I’ll show you one more weakness of Soundex:

From the three approaches I used Soundex is the only one which did not find similarity :)

### Some of Soundex variants

• The New York State Identification and Intelligence System (NYSIIS) algorithm maintains relative vowel positioning, while Soundex does not.
• Daitch–Mokotoff Soundex (D–M Soundex) adaptation to Jews with Germanic or Slavic surnames, sometimes referred as “Eastern European Soundex”. Results of D-M Soundex are returned in an all-numeric format between 100000 and 999999, calculation is much more complex than Soundex.
• Metaphone, Double Metaphone, Metaphone 3. Powerful and customisable rule set, handles a subset of non-Latin characters, and returns a primary and a secondary encoding to account for different pronunciations.

I googled online Metaphone calculator, they say It’s more accurate than soundex – hardly can agree:

• The metaphone code for Schwarzenegger is SXWRSNKR.
• The metaphone code for Schvartzeneger is SXFRTSNJR.
• These surnames do not have the same metaphone code.

Then I tried for one of my Soundex similarities and – again

• The metaphone code for Meiyar is MYR.
• The metaphone code for Mire is MR.
• These surnames do not have the same metaphone code.

I was also searching for Soundex Latvian edition – I am quite sure it exists. I found this: http://www.lzp.gov.lv/images/stories/dokumenti/Zin_rezult_2008.pdf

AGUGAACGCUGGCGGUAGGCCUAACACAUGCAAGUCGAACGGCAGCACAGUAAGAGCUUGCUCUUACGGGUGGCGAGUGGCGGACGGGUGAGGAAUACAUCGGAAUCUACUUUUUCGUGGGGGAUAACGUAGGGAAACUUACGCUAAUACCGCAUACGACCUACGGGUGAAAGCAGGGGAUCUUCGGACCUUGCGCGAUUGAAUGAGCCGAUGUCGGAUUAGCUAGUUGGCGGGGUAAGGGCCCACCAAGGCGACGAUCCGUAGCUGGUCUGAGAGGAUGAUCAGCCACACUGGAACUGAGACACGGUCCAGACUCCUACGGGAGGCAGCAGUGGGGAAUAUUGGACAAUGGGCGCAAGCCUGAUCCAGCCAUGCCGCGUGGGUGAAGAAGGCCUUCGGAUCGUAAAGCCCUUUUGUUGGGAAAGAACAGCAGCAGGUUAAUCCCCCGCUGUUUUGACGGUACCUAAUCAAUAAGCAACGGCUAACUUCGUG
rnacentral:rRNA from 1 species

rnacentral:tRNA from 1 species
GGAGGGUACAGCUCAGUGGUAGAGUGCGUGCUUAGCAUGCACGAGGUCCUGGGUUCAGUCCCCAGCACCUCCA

2008. g. izstrādāts un pilveidots elastīgs universālas leksikona sistēmas datubāzes
modelis, kas paredz vienotas infrastruktūras (kopīgu indeksēšanas un atgriezeniskās
saites mehānismu u.c.) un funkcionalitātes (šķirkļu izvērstas meklēšanas un
konfigurējamas atainošanas u.c.) pieejamību visām datubāzē izvietotajām vārdnīcām
neatkarīgi no to šķirkļu shēmām. Attiecībā uz indeksēšanu un meklēšanu, latviešu
valodai tika pielāgots Soundex algoritms, lai nodrošinātu neprecīzi ievadītu, bet pēc
izrunas līdzīgu vārdu atrašanu. (A. Spektors)

P.s. Tiem, kas lasa arī latviešu valodā – šeit ir maziņš un mīlīgs foruma ieraksts, kā cilvēks cenšas izveidot meklēšanas ieteikumu rīku (“vai jūs domājāt XXYZZX?”)  https://exs.lv/say/16261/1441002-so-nakti-pavadiju-veidojot

Disclaimer

This blog is solely my personal reflections.
Any link I share and any piece I write is my interpretation and may be my added value by googling to understand the topic better.
This is neither a formal review nor requested feedback and not a complete study material.

### Big Data: hybrid similarity measure: the Soft TF/IDF Measure to deal with misspelt words

Some days ago I covered the topic about finding which two of these strings are most likely about the same real world entity – by recognizing requently used words and assigning them lower impact, thus first and third options were found as most similar:

• Apple Corporation, USA
• IBM (USA) Corporation
• Corp. Apple